Having studied the chart, I am now ready to answer the "what-can-go- right" question: The either-or situation I just described about a trading range breakout looks like it's a win-win situation because the thing that can go right for the stock would be very good while the thing that can go wrong (while disappointing) would be no worse than minimal. Therefore, I use it as my reason to rate the stock a "qualified buy" at this time; the qualification is that the buyer should decide in advance that he likes the company's fundamentals enough so that he is willing to retain the stock in his portfolio, collect the dividend, and be willing to buy additional shares when technical analysis shows that a positive reversal of trend is underway. Technical analysis is a continuous process and the trading range is what I will concentrate on until I find it necessary to switch emphasis to trend analysis. "If" I am fortunate and the trading range shifts upward, the price and/or relative strength lines will strengthen and, therefore, my focus would switch to trend analysis as defined by the moving averages (but right now such thoughts are merely wishful thinking because I can't cross that bridge until I come to it). The stock is thinly traded so buyers should use "limit" not "market" orders.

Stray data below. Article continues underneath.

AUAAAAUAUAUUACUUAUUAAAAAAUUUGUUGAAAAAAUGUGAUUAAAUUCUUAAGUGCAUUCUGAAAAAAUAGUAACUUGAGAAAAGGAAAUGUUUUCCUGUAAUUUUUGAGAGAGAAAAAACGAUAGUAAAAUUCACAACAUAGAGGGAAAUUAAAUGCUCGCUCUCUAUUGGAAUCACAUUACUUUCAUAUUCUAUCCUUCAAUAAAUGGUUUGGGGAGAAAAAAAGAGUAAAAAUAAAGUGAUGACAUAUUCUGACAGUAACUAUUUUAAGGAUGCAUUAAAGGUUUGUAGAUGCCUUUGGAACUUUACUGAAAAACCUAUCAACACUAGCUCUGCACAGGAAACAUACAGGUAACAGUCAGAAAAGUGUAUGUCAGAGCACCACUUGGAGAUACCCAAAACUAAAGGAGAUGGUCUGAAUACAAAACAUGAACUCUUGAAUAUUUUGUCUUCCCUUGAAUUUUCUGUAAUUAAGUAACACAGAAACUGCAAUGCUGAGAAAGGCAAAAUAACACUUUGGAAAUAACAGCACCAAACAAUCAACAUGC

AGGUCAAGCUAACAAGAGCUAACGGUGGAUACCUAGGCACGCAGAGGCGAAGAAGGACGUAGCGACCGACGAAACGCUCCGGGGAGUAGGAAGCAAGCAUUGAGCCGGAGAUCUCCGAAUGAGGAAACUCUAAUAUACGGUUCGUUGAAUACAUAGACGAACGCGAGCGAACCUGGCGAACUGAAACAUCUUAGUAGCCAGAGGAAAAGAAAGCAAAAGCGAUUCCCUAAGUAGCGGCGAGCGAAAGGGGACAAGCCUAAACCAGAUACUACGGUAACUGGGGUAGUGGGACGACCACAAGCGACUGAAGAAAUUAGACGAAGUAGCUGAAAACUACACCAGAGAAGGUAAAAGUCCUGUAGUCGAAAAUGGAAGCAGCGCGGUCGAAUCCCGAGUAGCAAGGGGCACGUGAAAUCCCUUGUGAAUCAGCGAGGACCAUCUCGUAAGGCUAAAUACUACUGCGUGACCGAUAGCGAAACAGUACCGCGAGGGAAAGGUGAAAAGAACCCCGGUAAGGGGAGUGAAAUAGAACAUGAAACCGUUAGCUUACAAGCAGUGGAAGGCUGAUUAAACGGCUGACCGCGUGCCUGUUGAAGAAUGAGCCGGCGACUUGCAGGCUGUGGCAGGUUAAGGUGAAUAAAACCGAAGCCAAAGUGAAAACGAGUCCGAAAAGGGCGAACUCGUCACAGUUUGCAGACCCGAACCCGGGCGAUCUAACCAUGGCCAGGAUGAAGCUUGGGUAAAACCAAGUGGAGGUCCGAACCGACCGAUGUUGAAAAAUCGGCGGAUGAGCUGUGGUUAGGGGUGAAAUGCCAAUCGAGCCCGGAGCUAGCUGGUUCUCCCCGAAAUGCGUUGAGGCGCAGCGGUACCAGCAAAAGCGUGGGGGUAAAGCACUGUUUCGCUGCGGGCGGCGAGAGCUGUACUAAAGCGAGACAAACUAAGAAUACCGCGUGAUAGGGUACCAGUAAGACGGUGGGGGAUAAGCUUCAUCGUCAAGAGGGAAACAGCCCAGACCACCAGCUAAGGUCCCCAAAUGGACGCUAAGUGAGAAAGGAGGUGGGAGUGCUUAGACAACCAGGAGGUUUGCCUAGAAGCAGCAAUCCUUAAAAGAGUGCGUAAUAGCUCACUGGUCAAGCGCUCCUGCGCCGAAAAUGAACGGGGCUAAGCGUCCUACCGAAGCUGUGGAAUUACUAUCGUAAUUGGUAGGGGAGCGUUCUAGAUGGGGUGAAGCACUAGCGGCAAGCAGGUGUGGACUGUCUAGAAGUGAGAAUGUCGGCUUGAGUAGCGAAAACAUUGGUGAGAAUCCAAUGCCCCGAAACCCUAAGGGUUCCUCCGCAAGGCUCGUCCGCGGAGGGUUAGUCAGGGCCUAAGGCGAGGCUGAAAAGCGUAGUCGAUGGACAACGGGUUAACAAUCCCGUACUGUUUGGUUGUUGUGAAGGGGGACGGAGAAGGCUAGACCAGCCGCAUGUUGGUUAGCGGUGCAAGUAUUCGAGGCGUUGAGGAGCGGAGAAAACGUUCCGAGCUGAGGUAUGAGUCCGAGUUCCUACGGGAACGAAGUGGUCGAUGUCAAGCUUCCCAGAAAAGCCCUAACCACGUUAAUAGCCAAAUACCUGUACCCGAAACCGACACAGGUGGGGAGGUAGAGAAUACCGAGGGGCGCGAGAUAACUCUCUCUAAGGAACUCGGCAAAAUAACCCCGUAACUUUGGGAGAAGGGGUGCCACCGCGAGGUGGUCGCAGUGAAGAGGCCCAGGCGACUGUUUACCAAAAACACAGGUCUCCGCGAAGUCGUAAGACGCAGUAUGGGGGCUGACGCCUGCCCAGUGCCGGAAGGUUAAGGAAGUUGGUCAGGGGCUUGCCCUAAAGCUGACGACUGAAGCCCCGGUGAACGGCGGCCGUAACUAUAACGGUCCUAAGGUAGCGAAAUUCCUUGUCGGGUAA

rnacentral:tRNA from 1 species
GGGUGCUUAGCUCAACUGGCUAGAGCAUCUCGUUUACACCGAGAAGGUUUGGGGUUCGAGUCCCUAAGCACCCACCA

I am inclined to be a buyer of additional shares in coming days. I never render an opinion about a target price because (1) I let Mr. Market (aka the investment community) do what he alone can do with regard to price action (and he himself doesn't know what he can do until he does it) and (2) I use technical analysis to determine my exit point just as I used it (with a big assist from fundamental analysis) to determine my entry point. I am as interested in getting high returns on my investments as anybody else and I'm willing to let Mr. Market be as bountiful as he can be. I will post progress reports as needed until the time I write a sell recommendation and close out my position.
Disclosure: I am long PDH.